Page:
Author(s): Schneider H
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Abstract The human placenta in vivo consumes large amounts of oxygen. After delivery the placenta is exposed to anoxia and under in vitro experimental conditions oxygen consumption is only a fraction of in vivo estimates. In spite of a reduced oxygen supply, structural and functional integrity of the tissue is surprisingly well preserved. Special metabolic adjustments in the sense of 'partial metabolic arrest' may be the explanation for a remarkable survival capacity of placental tissue and reduction of protein synthesis seems to be an important component of metabolic slowdown. The potential significance of this special feature of placental metabolism for the in vivo situation is discussed.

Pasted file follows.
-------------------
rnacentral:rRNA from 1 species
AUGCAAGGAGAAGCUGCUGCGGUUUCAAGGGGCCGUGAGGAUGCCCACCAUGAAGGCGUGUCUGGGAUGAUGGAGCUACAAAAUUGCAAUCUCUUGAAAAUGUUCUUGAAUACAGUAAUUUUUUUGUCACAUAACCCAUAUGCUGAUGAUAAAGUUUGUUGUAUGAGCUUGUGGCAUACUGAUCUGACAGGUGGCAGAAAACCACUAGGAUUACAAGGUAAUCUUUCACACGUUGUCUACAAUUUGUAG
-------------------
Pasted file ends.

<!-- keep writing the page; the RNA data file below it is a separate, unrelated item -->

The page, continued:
This article was published in Placenta
and referenced in Pharmaceutica Analytica Acta